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Aescupalian snake?

Year: 1980
Setting: Corporate clinic in Edea, Cameroon
Position: Resident physician

On some of my professional gear, one can find the medical symbol with the Aescupalian snake; for example, my car windscreen, my medical license, etc. I had no idea that it would be so close to my own practice.

Cameroon is building a cellulose plant in Edea, between Douala and Yaounde in the Bassa region called the Sanaga Maritime. An international workforce has been hired and the general manager needs a new physician for the clinic. The first one stayed just a few weeks. As I tour the facility, I notice a big rattan basket in the doctor’s office next to the desk. Somewhat perplexed, I ask the nurse about the purpose of this unusual piece of furniture, which I thought might be used as a linen receptacle. Her answer drives home the fact that I am living in a totally new environment, despite the familiar aspect of all the objects in the room. It is a snake container. Why in the world would a doctor need a live reptile in his consultation room?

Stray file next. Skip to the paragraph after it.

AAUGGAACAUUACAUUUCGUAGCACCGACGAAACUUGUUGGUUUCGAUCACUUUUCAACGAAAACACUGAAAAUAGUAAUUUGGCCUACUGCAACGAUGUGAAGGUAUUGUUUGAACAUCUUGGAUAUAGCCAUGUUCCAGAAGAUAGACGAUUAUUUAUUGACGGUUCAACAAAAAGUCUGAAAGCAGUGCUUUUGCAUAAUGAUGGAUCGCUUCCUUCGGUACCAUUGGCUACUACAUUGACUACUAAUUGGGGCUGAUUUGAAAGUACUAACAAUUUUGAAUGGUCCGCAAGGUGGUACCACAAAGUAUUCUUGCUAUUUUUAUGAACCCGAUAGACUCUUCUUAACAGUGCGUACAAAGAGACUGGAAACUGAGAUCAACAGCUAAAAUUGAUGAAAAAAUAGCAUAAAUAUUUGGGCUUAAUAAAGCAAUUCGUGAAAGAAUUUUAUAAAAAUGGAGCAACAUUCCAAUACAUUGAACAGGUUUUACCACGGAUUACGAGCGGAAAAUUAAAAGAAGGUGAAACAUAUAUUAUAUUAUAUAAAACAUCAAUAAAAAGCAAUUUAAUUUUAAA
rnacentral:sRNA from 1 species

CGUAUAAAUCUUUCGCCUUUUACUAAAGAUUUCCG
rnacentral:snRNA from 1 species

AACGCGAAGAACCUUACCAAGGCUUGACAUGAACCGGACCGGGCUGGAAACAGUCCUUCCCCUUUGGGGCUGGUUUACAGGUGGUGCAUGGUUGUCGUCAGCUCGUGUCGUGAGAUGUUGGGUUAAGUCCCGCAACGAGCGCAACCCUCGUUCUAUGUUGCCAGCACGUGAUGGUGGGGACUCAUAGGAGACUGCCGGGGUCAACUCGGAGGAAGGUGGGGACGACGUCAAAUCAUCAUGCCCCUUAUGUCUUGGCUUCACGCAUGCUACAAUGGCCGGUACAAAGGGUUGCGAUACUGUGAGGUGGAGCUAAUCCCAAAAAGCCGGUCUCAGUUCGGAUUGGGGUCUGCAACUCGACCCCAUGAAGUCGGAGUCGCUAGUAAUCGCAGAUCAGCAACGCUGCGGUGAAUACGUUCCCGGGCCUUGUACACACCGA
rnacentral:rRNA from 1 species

She proceeds to explain this oddity as follows: Your predecessor liked to spend as much time as he could hunting in the jungle forest along the Sanaga River. He was a loner and a misogynist. In the clinic office, many homesick expatriate women would come to see him to shoot the breeze and share some of their life issues. He hated that. So, he would listen to them for a few minutes, then he would take the lid off the basket, open a drawer in the desk where he kept lab mice and feed the snake. This practice worked just as he expected, and the volume of drop-in consultations dwindled rapidly. I am sure it also contributed to his dismissal. It took a while to find his replacement, but welcome to Edea!

Lesson for the doctor: Watch your bedside manners.

Yann Meunier, MD, is the health promotion manager for the Stanford Prevention Research Center. He formerly practiced medicine in developed and developing countries throughout Europe, Africa and Asia. Each week, he will share some of his experiences with patients in remote corners of the world.

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